Perfectionism and depressive symptoms 3 years later: negative social interactions, avoidant coping, and perceived social support as mediators.
Although research has demonstrated perfectionism to have a negative impact on the treatment of depression, little research has examined the mechanisms or processes through which perfectionism predicts subsequent depressive symptoms in clinical populations over time. Using data from a prospective, 3-year study of a clinical sample (N = 96), hierarchical regression analyses indicated that perfectionism, assessed by the Dysfunctional Attitude Scale (Weissman AN, Beck AT. Development and validation of the Dysfunctional Attitude Scale: a preliminary investigation. Paper presented at the 86th annual convention of the American Psychological Association, Toronto, Ontario, Canada; 1978), is distinguished from major depression and neuroticism for its relations to depressive symptoms and interpersonal maladjustment 3 years later. Drawing from the model of Dunkley et al (J Couns Psychol 2000;47:437-53), path analysis indicated that Dysfunctional Attitude Scale perfectionism was related to depressive symptoms 3 years later through a number of persistent maladaptive tendencies, including negative social interactions, avoidant coping, and negative perceptions of social support.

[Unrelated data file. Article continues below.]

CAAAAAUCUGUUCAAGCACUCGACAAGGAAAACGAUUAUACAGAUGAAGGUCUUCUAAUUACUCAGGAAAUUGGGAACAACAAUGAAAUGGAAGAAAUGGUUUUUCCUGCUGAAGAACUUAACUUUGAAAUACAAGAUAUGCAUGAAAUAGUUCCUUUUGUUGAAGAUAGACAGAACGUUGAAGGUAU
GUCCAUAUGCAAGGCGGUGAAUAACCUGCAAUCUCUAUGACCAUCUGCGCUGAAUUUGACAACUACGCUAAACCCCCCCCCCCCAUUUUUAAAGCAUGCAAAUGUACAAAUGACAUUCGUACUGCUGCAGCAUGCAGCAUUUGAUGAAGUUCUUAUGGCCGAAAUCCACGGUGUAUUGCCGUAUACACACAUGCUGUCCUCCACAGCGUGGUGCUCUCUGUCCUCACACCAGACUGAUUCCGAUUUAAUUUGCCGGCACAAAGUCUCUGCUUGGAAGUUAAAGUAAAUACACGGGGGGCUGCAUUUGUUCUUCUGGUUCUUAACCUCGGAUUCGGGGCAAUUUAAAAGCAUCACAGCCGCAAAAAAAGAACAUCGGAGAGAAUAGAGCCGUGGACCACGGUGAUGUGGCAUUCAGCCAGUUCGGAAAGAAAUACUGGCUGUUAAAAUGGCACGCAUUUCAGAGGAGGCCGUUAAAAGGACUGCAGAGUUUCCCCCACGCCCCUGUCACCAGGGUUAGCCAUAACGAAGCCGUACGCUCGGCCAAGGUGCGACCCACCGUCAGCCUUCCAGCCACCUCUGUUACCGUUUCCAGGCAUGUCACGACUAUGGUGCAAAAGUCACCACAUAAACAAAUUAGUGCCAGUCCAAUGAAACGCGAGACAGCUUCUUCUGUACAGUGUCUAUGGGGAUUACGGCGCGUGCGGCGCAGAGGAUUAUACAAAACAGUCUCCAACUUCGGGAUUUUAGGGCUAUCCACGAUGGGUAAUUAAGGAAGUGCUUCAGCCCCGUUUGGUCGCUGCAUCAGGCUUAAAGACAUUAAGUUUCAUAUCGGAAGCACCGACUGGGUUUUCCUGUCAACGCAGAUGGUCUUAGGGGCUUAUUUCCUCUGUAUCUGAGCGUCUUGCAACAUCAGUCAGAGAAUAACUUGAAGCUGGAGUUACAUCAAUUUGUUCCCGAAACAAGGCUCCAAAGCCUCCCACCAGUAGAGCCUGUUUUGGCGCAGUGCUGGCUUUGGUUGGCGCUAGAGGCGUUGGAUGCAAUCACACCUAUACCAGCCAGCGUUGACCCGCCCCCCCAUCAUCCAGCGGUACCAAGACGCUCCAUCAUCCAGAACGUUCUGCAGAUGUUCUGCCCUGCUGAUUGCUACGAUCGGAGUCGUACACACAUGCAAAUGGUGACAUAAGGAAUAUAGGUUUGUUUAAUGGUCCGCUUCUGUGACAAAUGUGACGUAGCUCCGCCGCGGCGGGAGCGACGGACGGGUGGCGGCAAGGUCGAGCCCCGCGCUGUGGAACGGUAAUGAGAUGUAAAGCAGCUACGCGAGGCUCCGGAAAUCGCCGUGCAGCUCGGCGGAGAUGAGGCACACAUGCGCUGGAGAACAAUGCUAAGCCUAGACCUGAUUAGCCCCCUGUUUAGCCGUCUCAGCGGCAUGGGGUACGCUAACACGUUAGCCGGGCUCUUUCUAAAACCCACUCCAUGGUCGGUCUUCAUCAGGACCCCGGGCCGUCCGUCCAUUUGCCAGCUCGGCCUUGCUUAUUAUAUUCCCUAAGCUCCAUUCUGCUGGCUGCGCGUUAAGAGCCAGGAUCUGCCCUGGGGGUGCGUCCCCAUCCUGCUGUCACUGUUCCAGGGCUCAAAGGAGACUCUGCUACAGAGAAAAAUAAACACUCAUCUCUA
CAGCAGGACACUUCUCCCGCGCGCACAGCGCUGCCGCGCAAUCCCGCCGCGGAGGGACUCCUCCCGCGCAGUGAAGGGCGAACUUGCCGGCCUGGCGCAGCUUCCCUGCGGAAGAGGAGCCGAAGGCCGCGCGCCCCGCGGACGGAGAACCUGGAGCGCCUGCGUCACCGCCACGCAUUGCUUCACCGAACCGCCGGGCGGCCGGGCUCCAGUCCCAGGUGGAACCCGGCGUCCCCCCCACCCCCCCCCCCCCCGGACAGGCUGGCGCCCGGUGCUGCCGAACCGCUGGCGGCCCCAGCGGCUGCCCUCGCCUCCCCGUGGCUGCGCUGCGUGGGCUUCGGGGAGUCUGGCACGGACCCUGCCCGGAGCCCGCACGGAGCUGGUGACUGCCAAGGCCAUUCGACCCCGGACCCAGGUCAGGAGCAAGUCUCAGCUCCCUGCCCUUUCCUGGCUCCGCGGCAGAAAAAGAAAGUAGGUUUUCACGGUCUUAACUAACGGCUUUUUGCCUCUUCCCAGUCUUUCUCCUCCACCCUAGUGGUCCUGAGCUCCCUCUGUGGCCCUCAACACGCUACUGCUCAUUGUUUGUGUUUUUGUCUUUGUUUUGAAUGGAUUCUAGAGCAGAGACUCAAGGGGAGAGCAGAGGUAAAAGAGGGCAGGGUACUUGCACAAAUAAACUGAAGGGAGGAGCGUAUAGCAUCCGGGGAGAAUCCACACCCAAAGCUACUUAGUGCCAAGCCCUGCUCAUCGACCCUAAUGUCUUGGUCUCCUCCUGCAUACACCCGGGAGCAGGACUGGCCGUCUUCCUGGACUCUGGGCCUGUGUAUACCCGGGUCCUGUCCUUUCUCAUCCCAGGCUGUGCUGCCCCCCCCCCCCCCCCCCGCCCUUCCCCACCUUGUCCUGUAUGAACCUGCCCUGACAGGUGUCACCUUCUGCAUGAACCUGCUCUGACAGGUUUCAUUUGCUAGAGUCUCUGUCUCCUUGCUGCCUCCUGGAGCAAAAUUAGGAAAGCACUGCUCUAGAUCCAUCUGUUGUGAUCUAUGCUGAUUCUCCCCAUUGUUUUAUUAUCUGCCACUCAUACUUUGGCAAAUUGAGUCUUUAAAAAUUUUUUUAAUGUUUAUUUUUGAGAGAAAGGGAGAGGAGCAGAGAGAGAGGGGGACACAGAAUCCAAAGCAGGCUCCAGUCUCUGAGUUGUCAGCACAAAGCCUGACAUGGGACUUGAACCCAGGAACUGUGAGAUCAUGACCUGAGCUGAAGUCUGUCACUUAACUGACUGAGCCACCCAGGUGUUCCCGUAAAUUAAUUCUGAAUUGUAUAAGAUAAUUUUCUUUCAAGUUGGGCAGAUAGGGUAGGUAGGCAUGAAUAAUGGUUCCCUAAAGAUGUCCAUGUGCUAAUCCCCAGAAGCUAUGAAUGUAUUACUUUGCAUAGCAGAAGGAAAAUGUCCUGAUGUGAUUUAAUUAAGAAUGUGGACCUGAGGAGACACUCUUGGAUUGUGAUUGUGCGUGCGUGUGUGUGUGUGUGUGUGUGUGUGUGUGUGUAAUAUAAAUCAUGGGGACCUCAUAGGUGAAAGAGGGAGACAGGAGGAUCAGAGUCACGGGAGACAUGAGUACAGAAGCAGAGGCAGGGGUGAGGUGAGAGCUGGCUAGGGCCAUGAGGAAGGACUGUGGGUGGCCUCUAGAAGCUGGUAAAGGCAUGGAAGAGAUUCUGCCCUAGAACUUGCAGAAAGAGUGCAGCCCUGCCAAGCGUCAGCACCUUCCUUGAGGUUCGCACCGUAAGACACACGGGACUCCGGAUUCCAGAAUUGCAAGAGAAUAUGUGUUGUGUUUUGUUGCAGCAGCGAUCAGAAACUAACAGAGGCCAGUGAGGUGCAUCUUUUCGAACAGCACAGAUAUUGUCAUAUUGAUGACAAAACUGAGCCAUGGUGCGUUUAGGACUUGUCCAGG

Dunkley, D. M., Sanislow, C. A., Grilo, C. M., & McGlashan, T. H. (2006). Perfectionism and depressive symptoms 3 years later: negative social interactions, avoidant coping, and perceived social support as mediators. Comprehensive Psychiatry, 47(2), 106-115.